Harman infotainment systems gear up with QNX

When I say "Harman," what comes to mind? Like many people, you probably think of home audio systems.

But guess what: Harman is also a major player in the automotive market. If you've ever driven an Audi, BMW, Ferrari, Mercedes, or Porsche, chances are it used a Harman sound system or infotainment unit.

Mind you, Harman isn't just about the high end. It also offers a scalable infotainment platform that can target both higher-end and lower-end vehicles. And it isn't just about posh European cars. Recently, it became the first non-Japanese supplier to supply an infotainment system (the QNX-based Entune system) to Toyota. It also supplies systems to Hyundai, Lexus, Subaru, and Ssangyong.

Since 2003, Harman has used the QNX OS as the software platform for its infotainment products. (In fact, Harman owned QNX for about 5 years, before QNX became a subsidiary of RIM.) In this video, Rick Kreifeldt, Harman's VP of global automotive research and innovation, discusses how QNX helps Harman cut time-to-market and create greener products. Check it out:



It's PC Day: Remember these?

Hey, guess what: It's PC Day!

No, not Politically Correct Day, but rather, Personal Computer Day. On this date, 30 years ago, IBM released its very first PC, the 5150.

If you harbor warm feelings about the early days of personal computing, here's a reality check. The box of single-sided floppies pictured below (why I've kept the box, I have no idea) cost me 30 bucks. That's right, 30 bucks for 10 floppies. Which works out to what, $4000+ per gigabyte?

Mind you, you could double the capacity of each floppy by cutting an extra notch in the side and using the flip side — this was known as creating flippies. Most people did this by hand, but if you were really keen, you could buy a dedicated disk notcher. Now if I could only do that with my external hard drives.

Speaking of which, did you know that QNX was the first OS to support a PC hard drive? Read about it here.


Two naughty! My favorite QNX marketing campaign

Let me guess: You probably assume that the corporate culture at QNX is a bit geeky. And if so, I don't blame you. We are an OS company, after all. But you know, we can also be a little cheeky.

Case in point: A few years back, we introduced some innovative tools and OS features to help developers migrate from single-core to multi-core processors. And to promote these technologies, we decided to have some fun.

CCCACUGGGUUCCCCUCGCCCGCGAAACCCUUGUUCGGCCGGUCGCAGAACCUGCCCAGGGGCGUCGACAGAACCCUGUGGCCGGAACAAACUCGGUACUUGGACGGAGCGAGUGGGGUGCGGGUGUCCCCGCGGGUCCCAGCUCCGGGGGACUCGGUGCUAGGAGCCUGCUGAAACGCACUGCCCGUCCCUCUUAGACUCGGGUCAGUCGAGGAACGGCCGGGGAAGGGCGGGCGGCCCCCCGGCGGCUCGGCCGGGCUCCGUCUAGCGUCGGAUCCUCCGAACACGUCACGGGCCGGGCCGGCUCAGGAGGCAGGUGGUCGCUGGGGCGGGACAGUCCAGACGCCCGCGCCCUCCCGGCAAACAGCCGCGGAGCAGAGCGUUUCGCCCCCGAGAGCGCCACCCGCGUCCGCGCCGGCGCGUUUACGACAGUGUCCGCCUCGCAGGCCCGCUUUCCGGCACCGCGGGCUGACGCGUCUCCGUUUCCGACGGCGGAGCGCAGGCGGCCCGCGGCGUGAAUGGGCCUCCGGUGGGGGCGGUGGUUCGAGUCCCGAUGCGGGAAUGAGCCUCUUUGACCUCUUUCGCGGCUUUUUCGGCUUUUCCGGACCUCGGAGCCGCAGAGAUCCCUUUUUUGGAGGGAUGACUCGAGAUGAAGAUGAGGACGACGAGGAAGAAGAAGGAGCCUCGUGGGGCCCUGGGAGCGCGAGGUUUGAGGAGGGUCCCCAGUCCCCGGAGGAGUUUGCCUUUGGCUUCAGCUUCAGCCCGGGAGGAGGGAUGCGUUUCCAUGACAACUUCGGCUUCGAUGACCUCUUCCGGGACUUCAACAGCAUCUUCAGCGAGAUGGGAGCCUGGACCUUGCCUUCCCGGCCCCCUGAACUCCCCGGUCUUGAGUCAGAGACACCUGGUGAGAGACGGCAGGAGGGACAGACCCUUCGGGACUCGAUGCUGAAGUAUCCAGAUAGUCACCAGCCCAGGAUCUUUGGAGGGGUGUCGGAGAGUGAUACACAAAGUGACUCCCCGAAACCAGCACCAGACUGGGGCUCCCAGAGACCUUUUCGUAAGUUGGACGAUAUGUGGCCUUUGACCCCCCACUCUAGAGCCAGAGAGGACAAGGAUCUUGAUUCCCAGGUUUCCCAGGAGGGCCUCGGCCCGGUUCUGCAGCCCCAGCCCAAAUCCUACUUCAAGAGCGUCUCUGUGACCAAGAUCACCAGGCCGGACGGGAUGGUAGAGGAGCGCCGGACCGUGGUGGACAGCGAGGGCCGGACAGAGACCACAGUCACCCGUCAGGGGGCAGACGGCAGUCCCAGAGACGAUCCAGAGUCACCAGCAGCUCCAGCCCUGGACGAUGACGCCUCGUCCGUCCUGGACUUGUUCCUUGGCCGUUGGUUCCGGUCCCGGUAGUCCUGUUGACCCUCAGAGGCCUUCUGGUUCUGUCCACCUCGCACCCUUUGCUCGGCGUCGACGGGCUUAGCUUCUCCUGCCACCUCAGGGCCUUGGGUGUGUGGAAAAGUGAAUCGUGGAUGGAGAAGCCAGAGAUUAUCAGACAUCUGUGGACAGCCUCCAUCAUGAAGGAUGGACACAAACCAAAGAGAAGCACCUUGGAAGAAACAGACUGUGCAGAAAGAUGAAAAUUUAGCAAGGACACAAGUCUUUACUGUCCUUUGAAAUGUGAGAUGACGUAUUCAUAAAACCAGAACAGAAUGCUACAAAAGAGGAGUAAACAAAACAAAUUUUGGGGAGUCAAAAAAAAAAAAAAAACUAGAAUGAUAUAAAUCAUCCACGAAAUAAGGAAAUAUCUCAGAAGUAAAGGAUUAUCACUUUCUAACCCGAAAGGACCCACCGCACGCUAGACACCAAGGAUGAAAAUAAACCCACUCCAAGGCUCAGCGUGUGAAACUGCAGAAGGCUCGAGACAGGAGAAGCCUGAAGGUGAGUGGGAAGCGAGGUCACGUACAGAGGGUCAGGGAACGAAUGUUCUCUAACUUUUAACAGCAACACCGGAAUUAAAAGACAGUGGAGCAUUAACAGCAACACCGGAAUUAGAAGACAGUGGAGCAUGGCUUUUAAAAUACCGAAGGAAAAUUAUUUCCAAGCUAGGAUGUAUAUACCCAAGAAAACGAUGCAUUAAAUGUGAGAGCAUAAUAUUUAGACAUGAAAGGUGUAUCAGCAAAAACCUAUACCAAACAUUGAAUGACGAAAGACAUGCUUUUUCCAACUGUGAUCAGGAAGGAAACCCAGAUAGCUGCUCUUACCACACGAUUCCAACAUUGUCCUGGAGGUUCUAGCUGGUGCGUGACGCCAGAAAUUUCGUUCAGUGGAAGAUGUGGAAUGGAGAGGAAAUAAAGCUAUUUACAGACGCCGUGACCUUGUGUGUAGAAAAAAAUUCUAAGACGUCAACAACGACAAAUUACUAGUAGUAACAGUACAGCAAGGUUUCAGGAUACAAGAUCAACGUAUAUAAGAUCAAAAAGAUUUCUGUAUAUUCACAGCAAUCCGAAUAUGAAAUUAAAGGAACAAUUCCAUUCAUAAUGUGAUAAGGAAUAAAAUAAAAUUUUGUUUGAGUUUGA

Here's the billboard we came up with:

And here's the billboard mounted on a truck, prowling the streets of San Jose during the Embedded Systems Conference:

In case you're wondering, here's what the other side of the truck looked like:

If you don't get the tightly coupled reference, it's a pun on the tightly coupled multiprocessing provided by multi-core processors. Because even when we're cheeky, we're still a little geeky.



Pimp your ride with FOTA

If you use a device like the BlackBerry PlayBook, you're already familiar with the notion, and benefits, of FOTA. In case you're wondering, that's short for Firmware Over The Air. (Still confused? Simply insert the word "Updates" after Firmware. The meaning becomes much clearer.)

Granted, FOTA isn't the sexiest acronym out there. But it's becoming an increasingly important one, especially in the field of automotive infotainment.

The problem, of course, is obsolescence. An in-car infotainment system might be super cool today, but can become super outdated in just 2 or 3 years. Imagine, for instance, if your infotainment system had smartphone connectivity, but could only talk to smartphones that shipped before 2010.

FOTA, along with good system design, offers a way to avoid this problem and to keep infotainment systems fresh with new features and services.

So why am I bringing this up? Because I just read a blog post by my colleague Andy Gryc on the growing role of FOTA in automotive. It's called Fill the Tank, Check the Oil, and Update the Software, and you can read it here.